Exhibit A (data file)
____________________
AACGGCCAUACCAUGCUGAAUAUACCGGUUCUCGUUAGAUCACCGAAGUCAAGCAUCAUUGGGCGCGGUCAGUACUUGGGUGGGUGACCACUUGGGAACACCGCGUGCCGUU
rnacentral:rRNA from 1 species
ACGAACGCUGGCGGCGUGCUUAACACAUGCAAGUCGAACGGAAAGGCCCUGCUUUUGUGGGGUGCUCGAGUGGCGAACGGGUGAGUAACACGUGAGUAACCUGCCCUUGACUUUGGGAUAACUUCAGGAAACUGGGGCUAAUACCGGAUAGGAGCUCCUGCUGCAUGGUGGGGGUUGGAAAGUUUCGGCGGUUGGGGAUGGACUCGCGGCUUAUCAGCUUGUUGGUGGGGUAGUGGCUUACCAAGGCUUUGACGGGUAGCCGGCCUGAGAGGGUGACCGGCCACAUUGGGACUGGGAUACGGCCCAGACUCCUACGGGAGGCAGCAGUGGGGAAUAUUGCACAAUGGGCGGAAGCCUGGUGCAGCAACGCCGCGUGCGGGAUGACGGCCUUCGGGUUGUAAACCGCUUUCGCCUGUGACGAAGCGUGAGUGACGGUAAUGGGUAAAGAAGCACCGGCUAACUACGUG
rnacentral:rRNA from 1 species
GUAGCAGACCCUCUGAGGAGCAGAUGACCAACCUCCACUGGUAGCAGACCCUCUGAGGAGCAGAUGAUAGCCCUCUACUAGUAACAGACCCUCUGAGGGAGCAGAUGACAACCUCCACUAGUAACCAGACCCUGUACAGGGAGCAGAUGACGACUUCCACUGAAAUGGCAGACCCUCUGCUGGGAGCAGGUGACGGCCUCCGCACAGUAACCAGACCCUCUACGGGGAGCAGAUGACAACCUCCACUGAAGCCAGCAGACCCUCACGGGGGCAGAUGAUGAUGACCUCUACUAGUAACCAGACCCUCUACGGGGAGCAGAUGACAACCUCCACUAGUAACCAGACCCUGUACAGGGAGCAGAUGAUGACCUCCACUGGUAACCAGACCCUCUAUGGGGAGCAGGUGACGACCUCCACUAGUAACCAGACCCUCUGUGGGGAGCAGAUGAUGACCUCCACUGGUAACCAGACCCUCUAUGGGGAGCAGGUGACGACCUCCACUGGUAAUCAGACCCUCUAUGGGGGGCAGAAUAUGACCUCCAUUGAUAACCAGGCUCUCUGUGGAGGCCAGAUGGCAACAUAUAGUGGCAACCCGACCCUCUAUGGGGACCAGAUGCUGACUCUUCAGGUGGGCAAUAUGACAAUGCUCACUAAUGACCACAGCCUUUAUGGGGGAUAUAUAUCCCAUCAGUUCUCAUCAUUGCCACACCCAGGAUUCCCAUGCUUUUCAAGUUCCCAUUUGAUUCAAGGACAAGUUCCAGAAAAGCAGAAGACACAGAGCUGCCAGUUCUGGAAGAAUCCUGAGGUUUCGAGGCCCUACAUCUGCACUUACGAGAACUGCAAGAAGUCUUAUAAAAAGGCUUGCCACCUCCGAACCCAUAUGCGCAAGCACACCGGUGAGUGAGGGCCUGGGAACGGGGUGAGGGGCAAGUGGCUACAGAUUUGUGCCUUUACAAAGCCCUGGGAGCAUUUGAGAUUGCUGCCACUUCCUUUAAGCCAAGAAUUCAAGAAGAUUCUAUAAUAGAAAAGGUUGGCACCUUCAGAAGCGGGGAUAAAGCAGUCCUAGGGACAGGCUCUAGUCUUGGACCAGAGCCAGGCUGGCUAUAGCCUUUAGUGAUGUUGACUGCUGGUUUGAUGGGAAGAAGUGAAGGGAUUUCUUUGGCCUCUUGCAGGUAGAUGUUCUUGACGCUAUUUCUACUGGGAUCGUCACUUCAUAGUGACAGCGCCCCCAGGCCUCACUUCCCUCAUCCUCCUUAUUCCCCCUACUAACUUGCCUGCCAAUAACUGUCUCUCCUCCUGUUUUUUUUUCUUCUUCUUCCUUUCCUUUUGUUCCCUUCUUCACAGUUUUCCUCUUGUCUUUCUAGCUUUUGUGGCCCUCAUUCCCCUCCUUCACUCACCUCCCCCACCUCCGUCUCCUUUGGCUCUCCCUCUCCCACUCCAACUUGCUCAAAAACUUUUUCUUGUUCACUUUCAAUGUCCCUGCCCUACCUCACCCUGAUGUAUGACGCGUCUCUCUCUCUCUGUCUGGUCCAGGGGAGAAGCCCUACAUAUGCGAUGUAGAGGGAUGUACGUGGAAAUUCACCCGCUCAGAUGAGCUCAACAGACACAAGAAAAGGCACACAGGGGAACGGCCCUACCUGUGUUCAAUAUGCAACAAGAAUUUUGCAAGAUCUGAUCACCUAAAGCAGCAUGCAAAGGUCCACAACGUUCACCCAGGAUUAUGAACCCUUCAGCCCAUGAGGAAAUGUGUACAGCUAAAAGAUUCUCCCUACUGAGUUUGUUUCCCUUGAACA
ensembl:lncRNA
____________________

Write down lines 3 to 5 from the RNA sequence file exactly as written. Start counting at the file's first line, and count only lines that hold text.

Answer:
ACGAACGCUGGCGGCGUGCUUAACACAUGCAAGUCGAACGGAAAGGCCCUGCUUUUGUGGGGUGCUCGAGUGGCGAACGGGUGAGUAACACGUGAGUAACCUGCCCUUGACUUUGGGAUAACUUCAGGAAACUGGGGCUAAUACCGGAUAGGAGCUCCUGCUGCAUGGUGGGGGUUGGAAAGUUUCGGCGGUUGGGGAUGGACUCGCGGCUUAUCAGCUUGUUGGUGGGGUAGUGGCUUACCAAGGCUUUGACGGGUAGCCGGCCUGAGAGGGUGACCGGCCACAUUGGGACUGGGAUACGGCCCAGACUCCUACGGGAGGCAGCAGUGGGGAAUAUUGCACAAUGGGCGGAAGCCUGGUGCAGCAACGCCGCGUGCGGGAUGACGGCCUUCGGGUUGUAAACCGCUUUCGCCUGUGACGAAGCGUGAGUGACGGUAAUGGGUAAAGAAGCACCGGCUAACUACGUG
rnacentral:rRNA from 1 species
GUAGCAGACCCUCUGAGGAGCAGAUGACCAACCUCCACUGGUAGCAGACCCUCUGAGGAGCAGAUGAUAGCCCUCUACUAGUAACAGACCCUCUGAGGGAGCAGAUGACAACCUCCACUAGUAACCAGACCCUGUACAGGGAGCAGAUGACGACUUCCACUGAAAUGGCAGACCCUCUGCUGGGAGCAGGUGACGGCCUCCGCACAGUAACCAGACCCUCUACGGGGAGCAGAUGACAACCUCCACUGAAGCCAGCAGACCCUCACGGGGGCAGAUGAUGAUGACCUCUACUAGUAACCAGACCCUCUACGGGGAGCAGAUGACAACCUCCACUAGUAACCAGACCCUGUACAGGGAGCAGAUGAUGACCUCCACUGGUAACCAGACCCUCUAUGGGGAGCAGGUGACGACCUCCACUAGUAACCAGACCCUCUGUGGGGAGCAGAUGAUGACCUCCACUGGUAACCAGACCCUCUAUGGGGAGCAGGUGACGACCUCCACUGGUAAUCAGACCCUCUAUGGGGGGCAGAAUAUGACCUCCAUUGAUAACCAGGCUCUCUGUGGAGGCCAGAUGGCAACAUAUAGUGGCAACCCGACCCUCUAUGGGGACCAGAUGCUGACUCUUCAGGUGGGCAAUAUGACAAUGCUCACUAAUGACCACAGCCUUUAUGGGGGAUAUAUAUCCCAUCAGUUCUCAUCAUUGCCACACCCAGGAUUCCCAUGCUUUUCAAGUUCCCAUUUGAUUCAAGGACAAGUUCCAGAAAAGCAGAAGACACAGAGCUGCCAGUUCUGGAAGAAUCCUGAGGUUUCGAGGCCCUACAUCUGCACUUACGAGAACUGCAAGAAGUCUUAUAAAAAGGCUUGCCACCUCCGAACCCAUAUGCGCAAGCACACCGGUGAGUGAGGGCCUGGGAACGGGGUGAGGGGCAAGUGGCUACAGAUUUGUGCCUUUACAAAGCCCUGGGAGCAUUUGAGAUUGCUGCCACUUCCUUUAAGCCAAGAAUUCAAGAAGAUUCUAUAAUAGAAAAGGUUGGCACCUUCAGAAGCGGGGAUAAAGCAGUCCUAGGGACAGGCUCUAGUCUUGGACCAGAGCCAGGCUGGCUAUAGCCUUUAGUGAUGUUGACUGCUGGUUUGAUGGGAAGAAGUGAAGGGAUUUCUUUGGCCUCUUGCAGGUAGAUGUUCUUGACGCUAUUUCUACUGGGAUCGUCACUUCAUAGUGACAGCGCCCCCAGGCCUCACUUCCCUCAUCCUCCUUAUUCCCCCUACUAACUUGCCUGCCAAUAACUGUCUCUCCUCCUGUUUUUUUUUCUUCUUCUUCCUUUCCUUUUGUUCCCUUCUUCACAGUUUUCCUCUUGUCUUUCUAGCUUUUGUGGCCCUCAUUCCCCUCCUUCACUCACCUCCCCCACCUCCGUCUCCUUUGGCUCUCCCUCUCCCACUCCAACUUGCUCAAAAACUUUUUCUUGUUCACUUUCAAUGUCCCUGCCCUACCUCACCCUGAUGUAUGACGCGUCUCUCUCUCUCUGUCUGGUCCAGGGGAGAAGCCCUACAUAUGCGAUGUAGAGGGAUGUACGUGGAAAUUCACCCGCUCAGAUGAGCUCAACAGACACAAGAAAAGGCACACAGGGGAACGGCCCUACCUGUGUUCAAUAUGCAACAAGAAUUUUGCAAGAUCUGAUCACCUAAAGCAGCAUGCAAAGGUCCACAACGUUCACCCAGGAUUAUGAACCCUUCAGCCCAUGAGGAAAUGUGUACAGCUAAAAGAUUCUCCCUACUGAGUUUGUUUCCCUUGAACA